The results of a consultation to gather views on the future of the Vehicle Identity Check scheme have been published, roads safety minister Stephen Hammond has announced.
The VIC scheme was introduced in 2003 year to prevent stolen cars being passed off as repaired accident damaged cars, a crime known as ‘ringing’. Last year the DfT launched a consultation on whether to retain, re-scope or abolish the scheme in order to remove the cost burden on law-abiding motorists, without jeopardising prevention of vehicle ringing.
Hammond said: “Ringing vehicles to sell them on is not only illegal, it is dangerous which is why we are determined to do all we can to prevent it.
“The VIC scheme has proved useful in combatting this crime – it’s nearly ten years since the scheme was introduced so it’s an ideal time to carry out a review.”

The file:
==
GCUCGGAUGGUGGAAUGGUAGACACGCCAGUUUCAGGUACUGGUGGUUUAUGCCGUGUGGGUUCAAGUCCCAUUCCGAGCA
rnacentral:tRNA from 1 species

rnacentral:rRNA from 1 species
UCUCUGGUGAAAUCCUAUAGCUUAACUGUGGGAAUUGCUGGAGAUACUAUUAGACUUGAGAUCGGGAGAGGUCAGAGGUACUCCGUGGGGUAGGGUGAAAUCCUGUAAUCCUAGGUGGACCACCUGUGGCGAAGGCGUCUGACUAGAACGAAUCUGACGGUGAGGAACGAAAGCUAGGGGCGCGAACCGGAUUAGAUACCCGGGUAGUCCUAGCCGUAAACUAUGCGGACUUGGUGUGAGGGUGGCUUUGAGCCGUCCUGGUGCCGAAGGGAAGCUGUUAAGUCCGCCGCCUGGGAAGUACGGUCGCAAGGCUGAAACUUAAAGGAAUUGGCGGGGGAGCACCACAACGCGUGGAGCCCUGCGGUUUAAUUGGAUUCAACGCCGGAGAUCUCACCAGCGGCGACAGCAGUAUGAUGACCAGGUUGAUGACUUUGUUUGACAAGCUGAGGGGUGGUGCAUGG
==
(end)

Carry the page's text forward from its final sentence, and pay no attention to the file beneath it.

The Department is now analysing the different suggestions received and evaluating their impacts and feasibility.
Vehicles 'written off' by an insurer are given a VIC marker, which is a note to the DVLA computer record. Provided the written off vehicle is roadworthy, with a valid tax, MOT and insurance, it can still be used; however, the DVLA will only remove the marker and issue a replacement Registration Certificate (V5C log book) and/or Vehicle Licence Reminder (V11) once the vehicle has passed a VIC test, to confirm the identity of the vehicle.